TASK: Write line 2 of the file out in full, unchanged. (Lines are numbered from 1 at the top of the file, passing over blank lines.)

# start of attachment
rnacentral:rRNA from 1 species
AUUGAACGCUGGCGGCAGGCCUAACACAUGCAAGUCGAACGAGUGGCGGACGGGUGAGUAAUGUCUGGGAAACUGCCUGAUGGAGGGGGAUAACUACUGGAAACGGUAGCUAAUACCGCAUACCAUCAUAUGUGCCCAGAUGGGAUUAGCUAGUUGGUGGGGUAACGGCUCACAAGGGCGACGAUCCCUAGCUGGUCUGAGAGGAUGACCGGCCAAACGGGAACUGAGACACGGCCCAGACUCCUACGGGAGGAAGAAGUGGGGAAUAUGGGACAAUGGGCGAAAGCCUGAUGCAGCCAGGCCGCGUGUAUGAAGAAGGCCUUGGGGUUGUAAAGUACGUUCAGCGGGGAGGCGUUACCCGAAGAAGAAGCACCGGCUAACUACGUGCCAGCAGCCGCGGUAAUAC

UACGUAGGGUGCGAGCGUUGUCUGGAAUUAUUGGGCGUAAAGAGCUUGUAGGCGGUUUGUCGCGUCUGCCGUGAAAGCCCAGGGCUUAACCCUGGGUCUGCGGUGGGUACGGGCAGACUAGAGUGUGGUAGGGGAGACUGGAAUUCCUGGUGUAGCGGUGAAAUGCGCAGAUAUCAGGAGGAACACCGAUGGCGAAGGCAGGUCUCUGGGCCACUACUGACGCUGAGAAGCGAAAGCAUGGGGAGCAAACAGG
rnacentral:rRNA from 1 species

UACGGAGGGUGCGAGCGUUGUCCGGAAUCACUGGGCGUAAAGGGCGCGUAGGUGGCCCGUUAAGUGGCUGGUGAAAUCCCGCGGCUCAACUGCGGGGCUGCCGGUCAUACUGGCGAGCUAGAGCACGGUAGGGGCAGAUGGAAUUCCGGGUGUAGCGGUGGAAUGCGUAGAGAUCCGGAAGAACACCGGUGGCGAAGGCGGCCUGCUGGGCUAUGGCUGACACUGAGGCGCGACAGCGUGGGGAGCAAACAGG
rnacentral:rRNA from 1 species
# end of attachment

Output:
AUUGAACGCUGGCGGCAGGCCUAACACAUGCAAGUCGAACGAGUGGCGGACGGGUGAGUAAUGUCUGGGAAACUGCCUGAUGGAGGGGGAUAACUACUGGAAACGGUAGCUAAUACCGCAUACCAUCAUAUGUGCCCAGAUGGGAUUAGCUAGUUGGUGGGGUAACGGCUCACAAGGGCGACGAUCCCUAGCUGGUCUGAGAGGAUGACCGGCCAAACGGGAACUGAGACACGGCCCAGACUCCUACGGGAGGAAGAAGUGGGGAAUAUGGGACAAUGGGCGAAAGCCUGAUGCAGCCAGGCCGCGUGUAUGAAGAAGGCCUUGGGGUUGUAAAGUACGUUCAGCGGGGAGGCGUUACCCGAAGAAGAAGCACCGGCUAACUACGUGCCAGCAGCCGCGGUAAUAC